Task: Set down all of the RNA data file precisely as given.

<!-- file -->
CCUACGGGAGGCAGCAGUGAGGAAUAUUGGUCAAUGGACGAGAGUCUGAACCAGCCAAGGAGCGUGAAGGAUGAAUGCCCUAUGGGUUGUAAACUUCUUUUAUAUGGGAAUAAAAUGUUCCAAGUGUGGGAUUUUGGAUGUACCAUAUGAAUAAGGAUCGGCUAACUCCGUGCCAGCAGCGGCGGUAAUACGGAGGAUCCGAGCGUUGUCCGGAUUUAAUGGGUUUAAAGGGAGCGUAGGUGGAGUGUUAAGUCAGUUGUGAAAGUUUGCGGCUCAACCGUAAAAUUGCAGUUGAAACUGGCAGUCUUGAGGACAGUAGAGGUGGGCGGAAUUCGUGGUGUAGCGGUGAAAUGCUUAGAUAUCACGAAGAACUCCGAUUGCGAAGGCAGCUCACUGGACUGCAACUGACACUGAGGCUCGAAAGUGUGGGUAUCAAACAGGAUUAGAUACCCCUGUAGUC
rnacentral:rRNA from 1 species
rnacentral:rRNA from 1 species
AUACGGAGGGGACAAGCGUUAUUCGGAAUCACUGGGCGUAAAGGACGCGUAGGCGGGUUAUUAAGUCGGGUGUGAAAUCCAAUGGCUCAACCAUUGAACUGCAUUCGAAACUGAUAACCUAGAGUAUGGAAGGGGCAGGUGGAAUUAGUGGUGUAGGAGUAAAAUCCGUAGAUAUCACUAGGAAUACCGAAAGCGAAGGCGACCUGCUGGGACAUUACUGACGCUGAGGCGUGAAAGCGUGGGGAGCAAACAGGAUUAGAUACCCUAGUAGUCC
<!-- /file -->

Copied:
CCUACGGGAGGCAGCAGUGAGGAAUAUUGGUCAAUGGACGAGAGUCUGAACCAGCCAAGGAGCGUGAAGGAUGAAUGCCCUAUGGGUUGUAAACUUCUUUUAUAUGGGAAUAAAAUGUUCCAAGUGUGGGAUUUUGGAUGUACCAUAUGAAUAAGGAUCGGCUAACUCCGUGCCAGCAGCGGCGGUAAUACGGAGGAUCCGAGCGUUGUCCGGAUUUAAUGGGUUUAAAGGGAGCGUAGGUGGAGUGUUAAGUCAGUUGUGAAAGUUUGCGGCUCAACCGUAAAAUUGCAGUUGAAACUGGCAGUCUUGAGGACAGUAGAGGUGGGCGGAAUUCGUGGUGUAGCGGUGAAAUGCUUAGAUAUCACGAAGAACUCCGAUUGCGAAGGCAGCUCACUGGACUGCAACUGACACUGAGGCUCGAAAGUGUGGGUAUCAAACAGGAUUAGAUACCCCUGUAGUC
rnacentral:rRNA from 1 species
rnacentral:rRNA from 1 species
AUACGGAGGGGACAAGCGUUAUUCGGAAUCACUGGGCGUAAAGGACGCGUAGGCGGGUUAUUAAGUCGGGUGUGAAAUCCAAUGGCUCAACCAUUGAACUGCAUUCGAAACUGAUAACCUAGAGUAUGGAAGGGGCAGGUGGAAUUAGUGGUGUAGGAGUAAAAUCCGUAGAUAUCACUAGGAAUACCGAAAGCGAAGGCGACCUGCUGGGACAUUACUGACGCUGAGGCGUGAAAGCGUGGGGAGCAAACAGGAUUAGAUACCCUAGUAGUCC